No, we shouldn't. We aren't savages, and we aren't that desperate as a society.
Maybe we've forgotten what health care insurance IS: it is insurance. The idea behind insurance is, if something drastic happens the insurance company pays so you don't lose everything and go into debt.
If you need a lifesaving proceedure and have no insurance, you get the proceedure. You may end up in bankruptcy and debt, but at least you're still alive. You can still work, get your finances straightened out, and get on with your life... none of which you could do if you were dead.
We aren't primitive tribesmen living on the edge of starvation. We don't push the old and the weak out into the wilderness to die alone, and we shouldn't let someone die in pain in the waiting room of a hospital just because they have no insurance.
Fiddling While Rome Burns
Carthago Delenda Est
"I used to roll the dice; see the fear in my enemies' eyes... listen as the crowd would sing, 'now the old king is dead, Long Live the King.'.."
Exactly. Insurance is designed to cover rare events, not everyday expenses. The cockamamie system we have now is like having auto insurance which pays for every fill up, every car wash, every oil change, every tune-up, every tire balancing, every windshield wiper replacement, etc. Auto insurance covers rare events, like fender benders, like being sued for a million dollars for an accident you caused, like your hospital care if you injure yourself in an accident you caused, etc. These events don't happen to people every day.Maybe we've forgotten what health care insurance IS: it is insurance. The idea behind insurance is, if something drastic happens the insurance company pays so you don't lose everything and go into debt.
Here we go again arguing absolutes. The world doesn't work that way.
Most Americans want some form of health coverage. Life doesn't often give us black and white problems that can be handled with a simple either/or. But that is what everyone is arguing here. Everyone who has health coverage believes that they sufficient coverage for most illnesses. Many illnesses and conditions are covered. There are many people who had adequate coverage...initially. Complications can drag on over time where people reach a point that with insurance they drained by niggling charges over a very long haul. No one could have foreseen the timeline and the mounting costs. It happens all the time, all the time. It isn't a live or die situation. It's often a disabled person with dependency issues or a rehabilitated and working tax payer choice.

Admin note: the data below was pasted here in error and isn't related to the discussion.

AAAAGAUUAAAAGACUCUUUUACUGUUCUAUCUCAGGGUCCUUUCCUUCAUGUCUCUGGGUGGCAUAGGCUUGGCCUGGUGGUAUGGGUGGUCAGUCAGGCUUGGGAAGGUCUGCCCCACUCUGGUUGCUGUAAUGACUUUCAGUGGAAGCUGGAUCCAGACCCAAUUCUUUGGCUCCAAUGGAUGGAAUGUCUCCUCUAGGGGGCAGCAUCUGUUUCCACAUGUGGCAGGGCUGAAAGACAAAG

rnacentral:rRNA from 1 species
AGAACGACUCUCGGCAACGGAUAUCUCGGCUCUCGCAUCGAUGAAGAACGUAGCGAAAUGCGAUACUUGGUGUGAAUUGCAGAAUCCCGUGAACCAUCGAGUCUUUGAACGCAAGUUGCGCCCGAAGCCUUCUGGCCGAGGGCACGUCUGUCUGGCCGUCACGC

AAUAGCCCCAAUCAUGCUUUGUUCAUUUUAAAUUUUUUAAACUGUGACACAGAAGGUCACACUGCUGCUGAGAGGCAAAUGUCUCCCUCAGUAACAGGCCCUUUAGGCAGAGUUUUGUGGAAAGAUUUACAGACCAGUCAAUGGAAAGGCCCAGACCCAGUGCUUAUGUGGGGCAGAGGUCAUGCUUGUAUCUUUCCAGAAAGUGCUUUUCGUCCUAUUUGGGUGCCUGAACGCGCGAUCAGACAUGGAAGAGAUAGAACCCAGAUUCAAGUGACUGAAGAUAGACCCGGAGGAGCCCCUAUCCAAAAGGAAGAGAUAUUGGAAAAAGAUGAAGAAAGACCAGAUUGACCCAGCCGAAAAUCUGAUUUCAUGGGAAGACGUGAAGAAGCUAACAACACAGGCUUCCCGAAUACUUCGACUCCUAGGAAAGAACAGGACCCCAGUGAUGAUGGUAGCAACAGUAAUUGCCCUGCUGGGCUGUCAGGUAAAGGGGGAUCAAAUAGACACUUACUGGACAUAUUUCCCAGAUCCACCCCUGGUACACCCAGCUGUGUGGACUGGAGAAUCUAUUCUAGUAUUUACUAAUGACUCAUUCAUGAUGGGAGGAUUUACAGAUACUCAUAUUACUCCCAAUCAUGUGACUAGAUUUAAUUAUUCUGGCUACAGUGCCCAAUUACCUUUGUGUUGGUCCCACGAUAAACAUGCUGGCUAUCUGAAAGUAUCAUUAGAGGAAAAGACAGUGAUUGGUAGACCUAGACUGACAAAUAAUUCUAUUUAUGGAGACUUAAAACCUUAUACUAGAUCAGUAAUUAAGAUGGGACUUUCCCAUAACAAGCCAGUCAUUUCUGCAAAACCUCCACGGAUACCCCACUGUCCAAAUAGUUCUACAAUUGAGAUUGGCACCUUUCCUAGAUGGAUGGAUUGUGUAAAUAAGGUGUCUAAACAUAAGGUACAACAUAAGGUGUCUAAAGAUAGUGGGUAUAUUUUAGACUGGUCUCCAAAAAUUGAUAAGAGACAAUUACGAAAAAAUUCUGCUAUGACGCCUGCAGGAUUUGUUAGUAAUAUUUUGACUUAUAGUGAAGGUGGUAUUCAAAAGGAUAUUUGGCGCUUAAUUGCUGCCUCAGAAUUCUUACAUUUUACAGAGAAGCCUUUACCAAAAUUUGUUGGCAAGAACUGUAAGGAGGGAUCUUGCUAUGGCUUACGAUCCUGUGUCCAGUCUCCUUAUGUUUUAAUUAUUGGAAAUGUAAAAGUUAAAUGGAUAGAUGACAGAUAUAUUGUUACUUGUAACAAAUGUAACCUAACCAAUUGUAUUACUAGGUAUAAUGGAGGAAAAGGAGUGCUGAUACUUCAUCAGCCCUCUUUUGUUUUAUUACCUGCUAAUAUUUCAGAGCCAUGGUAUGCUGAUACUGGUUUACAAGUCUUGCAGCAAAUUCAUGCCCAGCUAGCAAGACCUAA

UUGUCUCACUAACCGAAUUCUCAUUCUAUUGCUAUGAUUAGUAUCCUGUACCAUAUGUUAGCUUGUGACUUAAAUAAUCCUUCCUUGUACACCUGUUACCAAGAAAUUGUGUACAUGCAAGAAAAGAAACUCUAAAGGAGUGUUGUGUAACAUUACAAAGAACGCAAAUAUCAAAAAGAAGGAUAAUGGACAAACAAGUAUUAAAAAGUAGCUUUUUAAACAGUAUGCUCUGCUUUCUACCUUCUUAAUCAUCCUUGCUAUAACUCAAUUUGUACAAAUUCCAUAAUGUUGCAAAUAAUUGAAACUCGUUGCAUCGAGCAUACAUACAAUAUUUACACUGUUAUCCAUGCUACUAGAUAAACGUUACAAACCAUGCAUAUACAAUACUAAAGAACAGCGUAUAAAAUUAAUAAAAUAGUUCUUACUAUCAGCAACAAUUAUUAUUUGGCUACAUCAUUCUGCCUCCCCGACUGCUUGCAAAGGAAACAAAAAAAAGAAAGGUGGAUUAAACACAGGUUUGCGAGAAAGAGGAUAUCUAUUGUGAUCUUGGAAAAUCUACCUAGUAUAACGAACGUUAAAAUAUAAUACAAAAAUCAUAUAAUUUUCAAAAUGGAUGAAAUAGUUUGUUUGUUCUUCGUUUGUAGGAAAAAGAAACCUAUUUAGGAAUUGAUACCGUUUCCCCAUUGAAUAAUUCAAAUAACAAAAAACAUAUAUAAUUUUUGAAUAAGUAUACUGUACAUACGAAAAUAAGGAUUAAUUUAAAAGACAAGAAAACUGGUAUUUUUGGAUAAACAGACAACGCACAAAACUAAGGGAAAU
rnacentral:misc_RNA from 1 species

Most people don't just die. They suffer and suffer and suffer and eventually die. If some of my tax money goes toward keeping some people from suffering, and it does, then I'm fine with that. I don't think I'd want to live in a country that decided who was well enough, productive enough, smart enough, big enough or young enough to live.
Paul is not calling for the sick to be thrown out on the streets. He is not even opposed to government assistance for the people who can't afford healthcare. All he said was that a person who chooses to forgo health insurance should take responsibility for their own actions.
Tessaesque has covered all the bases I would have covered.
'The whole universe is going to die!'
It is not very unreasonable that the rich should contribute to the public expense, not only in proportion to their revenue, but something more than in that proportion.
"Wealth of Nations," Book V, Chapter II, Part II, Article I, pg.911